About

This week in Refracting Digital Humanities: Critical Race, Gender, and Queer Theories as [Digital Humanities] Methods, the nine participants have been thinking through the cultural and historical significance of bathrooms. Even though it sounds like a joke, bathrooms have revealed themselves to be extremely fruitful sites for cultural analysis; using digital methods, we have been exploring the ways in which bathrooms are gendered and raced in particular ways. We started by simply looking around different bathrooms – men’s vs. women’s, older buildings vs. newer ones, accessibility, etc. – and taking lots of pictures to document our findings. After lots of discussion, we each came up with a small plan for reinventing one aspect of the modern American bathroom to better suit the needs of different groups of people. We then moved on to how the space of a bathroom sounds. We asked ourselves: how would a woman’s bathroom potentially produce a different set of sounds than a men’s room? How do design differences change how one interacts with a space and thus produce different sounds? And above all, what noises are ubiquitous to the space of the modern bathroom, and how are they produced? We recorded some sounds, uploaded them, edited them, and compiled them to create narratives of sound, only to deconstruct them and remake them into physical, tactile signals using Makey Makeys. We finally tackled some code in order to work in the physical realm of an Arduino, and learned how to make our own circuits with blinking LED lights!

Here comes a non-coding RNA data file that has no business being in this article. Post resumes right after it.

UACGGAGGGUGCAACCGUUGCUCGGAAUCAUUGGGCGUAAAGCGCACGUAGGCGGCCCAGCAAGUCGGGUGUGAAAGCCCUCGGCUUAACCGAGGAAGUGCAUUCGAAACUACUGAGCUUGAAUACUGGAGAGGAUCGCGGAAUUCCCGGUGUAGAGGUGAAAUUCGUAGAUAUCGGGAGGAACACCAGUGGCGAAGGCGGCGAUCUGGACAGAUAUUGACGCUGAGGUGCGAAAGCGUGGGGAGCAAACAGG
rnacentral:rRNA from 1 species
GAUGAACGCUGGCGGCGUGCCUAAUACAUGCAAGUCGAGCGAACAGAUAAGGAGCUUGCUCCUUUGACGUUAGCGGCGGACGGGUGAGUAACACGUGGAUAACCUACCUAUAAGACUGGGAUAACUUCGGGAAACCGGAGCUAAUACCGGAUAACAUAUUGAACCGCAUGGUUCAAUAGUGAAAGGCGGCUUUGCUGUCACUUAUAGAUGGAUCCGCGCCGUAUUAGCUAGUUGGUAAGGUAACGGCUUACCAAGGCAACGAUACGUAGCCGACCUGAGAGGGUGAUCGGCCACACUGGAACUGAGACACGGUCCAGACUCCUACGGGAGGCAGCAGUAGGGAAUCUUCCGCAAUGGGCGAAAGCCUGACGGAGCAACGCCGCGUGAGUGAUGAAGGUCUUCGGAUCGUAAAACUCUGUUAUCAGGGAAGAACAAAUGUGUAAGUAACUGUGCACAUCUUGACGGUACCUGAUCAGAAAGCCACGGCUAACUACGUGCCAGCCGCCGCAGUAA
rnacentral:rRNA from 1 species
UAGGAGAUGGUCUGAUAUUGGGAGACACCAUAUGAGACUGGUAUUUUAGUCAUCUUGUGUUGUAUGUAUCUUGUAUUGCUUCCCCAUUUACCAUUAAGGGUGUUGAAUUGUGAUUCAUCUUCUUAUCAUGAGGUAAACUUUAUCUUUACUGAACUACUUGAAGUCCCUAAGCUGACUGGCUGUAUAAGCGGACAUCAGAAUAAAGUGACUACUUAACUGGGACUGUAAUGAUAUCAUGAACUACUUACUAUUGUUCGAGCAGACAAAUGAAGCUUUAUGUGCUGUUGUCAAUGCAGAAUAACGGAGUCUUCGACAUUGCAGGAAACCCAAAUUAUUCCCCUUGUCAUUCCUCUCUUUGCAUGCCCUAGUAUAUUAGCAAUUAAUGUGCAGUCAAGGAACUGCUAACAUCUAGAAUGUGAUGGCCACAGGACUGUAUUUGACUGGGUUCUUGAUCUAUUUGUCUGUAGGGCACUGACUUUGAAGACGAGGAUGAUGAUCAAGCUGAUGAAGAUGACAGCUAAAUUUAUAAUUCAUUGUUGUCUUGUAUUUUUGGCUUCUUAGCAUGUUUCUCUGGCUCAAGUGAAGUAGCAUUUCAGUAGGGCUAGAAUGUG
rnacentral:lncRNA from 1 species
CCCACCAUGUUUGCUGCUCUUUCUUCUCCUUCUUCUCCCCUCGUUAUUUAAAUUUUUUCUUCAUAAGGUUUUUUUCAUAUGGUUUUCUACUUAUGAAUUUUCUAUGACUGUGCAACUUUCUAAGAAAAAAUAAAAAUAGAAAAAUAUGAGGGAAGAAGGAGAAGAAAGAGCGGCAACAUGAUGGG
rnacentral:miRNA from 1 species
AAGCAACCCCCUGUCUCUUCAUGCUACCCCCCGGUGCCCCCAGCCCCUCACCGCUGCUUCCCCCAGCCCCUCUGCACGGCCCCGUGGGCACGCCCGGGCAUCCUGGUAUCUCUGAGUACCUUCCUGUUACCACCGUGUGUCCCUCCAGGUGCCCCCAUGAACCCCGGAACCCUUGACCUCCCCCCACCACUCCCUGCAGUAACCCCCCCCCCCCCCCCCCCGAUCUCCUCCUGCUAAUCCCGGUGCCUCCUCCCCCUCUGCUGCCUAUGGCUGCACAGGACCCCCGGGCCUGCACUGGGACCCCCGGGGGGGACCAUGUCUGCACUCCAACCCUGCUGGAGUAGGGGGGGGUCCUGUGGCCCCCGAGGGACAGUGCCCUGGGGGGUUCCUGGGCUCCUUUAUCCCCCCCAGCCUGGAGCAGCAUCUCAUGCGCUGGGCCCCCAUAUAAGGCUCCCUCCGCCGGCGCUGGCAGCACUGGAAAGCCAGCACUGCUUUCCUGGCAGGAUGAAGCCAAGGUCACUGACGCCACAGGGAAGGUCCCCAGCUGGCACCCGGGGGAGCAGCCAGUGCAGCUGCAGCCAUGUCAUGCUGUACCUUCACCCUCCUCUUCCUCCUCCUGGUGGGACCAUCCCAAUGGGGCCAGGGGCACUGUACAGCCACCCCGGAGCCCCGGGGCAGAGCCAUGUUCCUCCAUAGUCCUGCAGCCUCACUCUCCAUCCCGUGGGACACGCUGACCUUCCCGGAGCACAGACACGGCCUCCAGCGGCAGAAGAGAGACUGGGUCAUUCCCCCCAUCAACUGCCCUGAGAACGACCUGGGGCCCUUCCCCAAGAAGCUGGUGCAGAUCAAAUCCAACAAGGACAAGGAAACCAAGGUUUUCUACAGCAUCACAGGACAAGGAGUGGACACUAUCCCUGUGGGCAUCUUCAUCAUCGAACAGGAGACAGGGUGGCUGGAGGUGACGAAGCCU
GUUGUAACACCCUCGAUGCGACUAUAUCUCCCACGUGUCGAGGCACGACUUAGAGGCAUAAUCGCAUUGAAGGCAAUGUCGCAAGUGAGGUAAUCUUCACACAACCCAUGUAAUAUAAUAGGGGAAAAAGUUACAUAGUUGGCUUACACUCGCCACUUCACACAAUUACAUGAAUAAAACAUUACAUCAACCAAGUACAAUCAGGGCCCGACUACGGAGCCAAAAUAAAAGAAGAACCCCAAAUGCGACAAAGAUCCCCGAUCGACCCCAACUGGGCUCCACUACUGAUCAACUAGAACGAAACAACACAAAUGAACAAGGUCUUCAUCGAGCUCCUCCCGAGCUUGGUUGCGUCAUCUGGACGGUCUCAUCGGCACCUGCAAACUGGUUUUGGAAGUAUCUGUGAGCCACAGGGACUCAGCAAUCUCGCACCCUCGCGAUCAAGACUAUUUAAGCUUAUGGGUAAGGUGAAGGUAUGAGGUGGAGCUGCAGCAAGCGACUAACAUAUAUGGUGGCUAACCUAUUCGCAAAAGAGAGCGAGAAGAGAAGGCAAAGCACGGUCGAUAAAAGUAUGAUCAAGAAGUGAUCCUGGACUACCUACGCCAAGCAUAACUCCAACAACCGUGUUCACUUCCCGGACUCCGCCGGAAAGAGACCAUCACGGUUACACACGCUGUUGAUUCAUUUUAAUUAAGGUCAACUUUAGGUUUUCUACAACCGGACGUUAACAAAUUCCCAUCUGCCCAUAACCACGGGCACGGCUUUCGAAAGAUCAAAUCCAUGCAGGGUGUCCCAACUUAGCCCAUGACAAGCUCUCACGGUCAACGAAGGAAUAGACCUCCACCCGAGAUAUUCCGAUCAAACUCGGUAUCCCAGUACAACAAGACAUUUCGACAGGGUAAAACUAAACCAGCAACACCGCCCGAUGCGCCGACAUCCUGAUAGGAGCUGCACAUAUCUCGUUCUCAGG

On Thursday, we decided to try and combine some of what we have discussed and learned into a synthesized process-project on bathrooms. After doing some research, the class decided to focus on one of the older buildings on campus as a space with layered histories. Morrill Hall, built in 1898, became the focus of our bathroom obsession. This wordpress is where we are compiling our research process, the things we find interesting, archival information, and anything we have made in conjunction with this project. Enjoy!

Team:
Bryn J Gravitt
Gwendolyn Shaw
Heidi Dodson
Jarah Moesch
Katherine Morrissey
Kayla H Larkin
Manuel Ostos
Toniesha Taylor
Vinamarata Kaur

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  1. Pingback: Refracting Digital Humanities

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